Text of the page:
• What else could be accomplished by doing ____?
• If we don’t have access to ____ or can’t use ____, what do you think should be done?
• What are the positives and negatives of ____?
• How do you think ____ and ____ are alike?
• Another way to think about this is ____; do you agree?

Implications and consequences questions

The argument that employees often give may have logical implications, which can be challenged. From an “implications and consequence questioning” position, employees should have their arguments challenged. The process requires them to think about whether their argument or stance makes sense, and if what they say is desirable and meaningful. Some examples of argument-challenging questions include:

• What are you implying by saying that?
• What else does this remind you of?
• How does this information fit into the things we have already learned?
• What implications does ____ have on this?
• Why is this necessary to know?
• What do you think would happen next?
• What is an alternative to this?
• If what you said happened, what else could happen as a result? Why?

Questions about the question

Questions about the question tend to be more reflective. The purpose of questioning a question is to turn an argument, statement, or question back on itself. In other words, leaders can use questions like the ones below to help employees reflect on their personal argument, position, or stance:

• How can we find out more about what you are saying (or asking)?
• What assumptions does this question imply?
• Why do you feel this question is important?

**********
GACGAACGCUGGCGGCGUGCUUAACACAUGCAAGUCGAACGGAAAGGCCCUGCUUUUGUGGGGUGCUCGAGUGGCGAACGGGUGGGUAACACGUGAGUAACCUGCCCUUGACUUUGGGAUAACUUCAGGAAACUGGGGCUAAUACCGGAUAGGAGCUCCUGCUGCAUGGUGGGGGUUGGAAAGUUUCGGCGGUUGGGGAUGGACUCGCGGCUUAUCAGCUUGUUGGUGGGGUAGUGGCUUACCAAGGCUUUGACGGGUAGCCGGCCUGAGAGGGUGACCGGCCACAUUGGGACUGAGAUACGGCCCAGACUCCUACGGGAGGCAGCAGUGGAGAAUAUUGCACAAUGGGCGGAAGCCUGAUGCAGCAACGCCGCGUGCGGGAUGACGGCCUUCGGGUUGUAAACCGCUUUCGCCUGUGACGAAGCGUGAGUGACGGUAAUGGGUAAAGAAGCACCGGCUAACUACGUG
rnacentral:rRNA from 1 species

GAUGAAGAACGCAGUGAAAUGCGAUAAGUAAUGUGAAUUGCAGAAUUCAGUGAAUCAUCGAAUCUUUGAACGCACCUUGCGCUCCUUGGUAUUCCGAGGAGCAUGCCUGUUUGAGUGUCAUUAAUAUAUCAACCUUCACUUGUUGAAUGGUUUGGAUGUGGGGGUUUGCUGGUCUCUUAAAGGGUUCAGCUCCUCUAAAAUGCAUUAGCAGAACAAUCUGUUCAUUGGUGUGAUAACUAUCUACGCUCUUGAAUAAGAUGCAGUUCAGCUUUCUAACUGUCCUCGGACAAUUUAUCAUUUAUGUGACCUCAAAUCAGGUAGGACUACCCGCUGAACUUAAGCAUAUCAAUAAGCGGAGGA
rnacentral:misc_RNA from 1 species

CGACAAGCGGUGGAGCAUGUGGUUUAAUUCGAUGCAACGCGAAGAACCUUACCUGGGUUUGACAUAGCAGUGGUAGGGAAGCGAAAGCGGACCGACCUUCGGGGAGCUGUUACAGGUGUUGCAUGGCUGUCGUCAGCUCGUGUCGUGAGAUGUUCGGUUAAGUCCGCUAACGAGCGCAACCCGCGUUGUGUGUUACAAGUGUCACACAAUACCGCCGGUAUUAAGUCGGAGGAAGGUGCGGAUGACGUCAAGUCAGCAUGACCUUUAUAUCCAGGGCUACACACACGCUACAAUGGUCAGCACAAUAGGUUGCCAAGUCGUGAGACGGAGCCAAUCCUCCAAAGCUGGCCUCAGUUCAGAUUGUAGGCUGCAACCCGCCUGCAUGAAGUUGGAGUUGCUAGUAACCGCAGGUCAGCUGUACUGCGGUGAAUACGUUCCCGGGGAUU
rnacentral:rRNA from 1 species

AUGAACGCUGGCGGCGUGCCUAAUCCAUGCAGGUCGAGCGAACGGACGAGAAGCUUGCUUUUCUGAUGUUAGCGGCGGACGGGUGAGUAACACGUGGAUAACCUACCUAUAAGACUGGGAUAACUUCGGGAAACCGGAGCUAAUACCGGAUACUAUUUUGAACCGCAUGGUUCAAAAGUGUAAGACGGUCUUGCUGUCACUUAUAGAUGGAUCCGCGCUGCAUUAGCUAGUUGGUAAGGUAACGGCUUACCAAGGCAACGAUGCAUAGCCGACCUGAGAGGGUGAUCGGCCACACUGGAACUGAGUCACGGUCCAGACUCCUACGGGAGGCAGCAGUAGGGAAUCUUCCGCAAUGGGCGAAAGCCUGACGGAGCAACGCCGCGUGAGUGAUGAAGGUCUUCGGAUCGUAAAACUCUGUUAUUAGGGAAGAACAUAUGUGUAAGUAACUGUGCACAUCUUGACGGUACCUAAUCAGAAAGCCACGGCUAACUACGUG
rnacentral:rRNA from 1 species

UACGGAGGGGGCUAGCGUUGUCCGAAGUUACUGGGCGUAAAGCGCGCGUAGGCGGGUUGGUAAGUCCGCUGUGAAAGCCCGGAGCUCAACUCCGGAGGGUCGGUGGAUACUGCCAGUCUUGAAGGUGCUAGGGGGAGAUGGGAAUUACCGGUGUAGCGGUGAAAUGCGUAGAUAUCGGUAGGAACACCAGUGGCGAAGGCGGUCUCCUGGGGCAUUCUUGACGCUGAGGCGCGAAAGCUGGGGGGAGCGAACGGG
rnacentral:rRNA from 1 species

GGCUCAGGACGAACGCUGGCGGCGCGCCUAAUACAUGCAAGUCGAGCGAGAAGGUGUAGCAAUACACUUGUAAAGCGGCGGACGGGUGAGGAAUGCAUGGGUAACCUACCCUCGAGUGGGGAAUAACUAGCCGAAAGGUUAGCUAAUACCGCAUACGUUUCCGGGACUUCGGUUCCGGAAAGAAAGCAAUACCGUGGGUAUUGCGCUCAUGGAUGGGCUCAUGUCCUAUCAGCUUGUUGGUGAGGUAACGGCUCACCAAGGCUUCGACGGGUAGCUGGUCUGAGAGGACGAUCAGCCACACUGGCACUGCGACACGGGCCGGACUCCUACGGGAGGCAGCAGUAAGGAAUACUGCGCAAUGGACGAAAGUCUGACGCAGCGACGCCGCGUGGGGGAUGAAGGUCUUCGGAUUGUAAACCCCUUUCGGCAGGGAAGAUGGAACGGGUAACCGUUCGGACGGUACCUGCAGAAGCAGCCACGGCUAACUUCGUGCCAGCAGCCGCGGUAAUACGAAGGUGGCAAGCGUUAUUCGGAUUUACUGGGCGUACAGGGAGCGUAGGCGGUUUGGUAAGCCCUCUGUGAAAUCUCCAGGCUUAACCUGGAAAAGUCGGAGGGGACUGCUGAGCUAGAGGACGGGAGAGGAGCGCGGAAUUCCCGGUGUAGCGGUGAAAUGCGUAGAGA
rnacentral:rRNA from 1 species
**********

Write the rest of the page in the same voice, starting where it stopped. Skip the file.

• To answer this particular question, what questions would have to be answered first?
• Does this certain question ask us to evaluate something in particular?
• What is the point of asking about ____?
• Why do you think the question you asked is important for (me, us) to consider?
• Why did you phrase this particular question in the way that you did?
• Does this question fit into the context of our discussion?
• What does this particular (question, stance, position, or opinion) imply?
• Is it possible to break this question down at all into one or two other questions?
• Do you think this question is easy or hard to answer? Why?
• Does this question seem clear to you?

 

Excerpted from: Effective Questioning Techniques: Pinpoint Leadership Skill Development Training Series (Majorium Business Press, 2011).


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About The Author

Timothy F. Bednarz’s picture

Timothy F. Bednarz

Timothy F. Bednarz, Ph.D., is an accomplished author, researcher, consultant, entrepreneur, and innovator. He has founded three successful companies and has more than 26 years consulting experience in business development. As a critical thinker and transformational agent of change, he has the ability to view complex issues, identifying specific causes to develop meaningful solutions in simple terms. He has authored more than 125 books as well as a wide variety of high quality learning content. His latest book is Great! What Makes Leaders Great (Majorium Business Press, 2012). He is the author of more than 85 books in the Pinpoint Skill Development Training Series.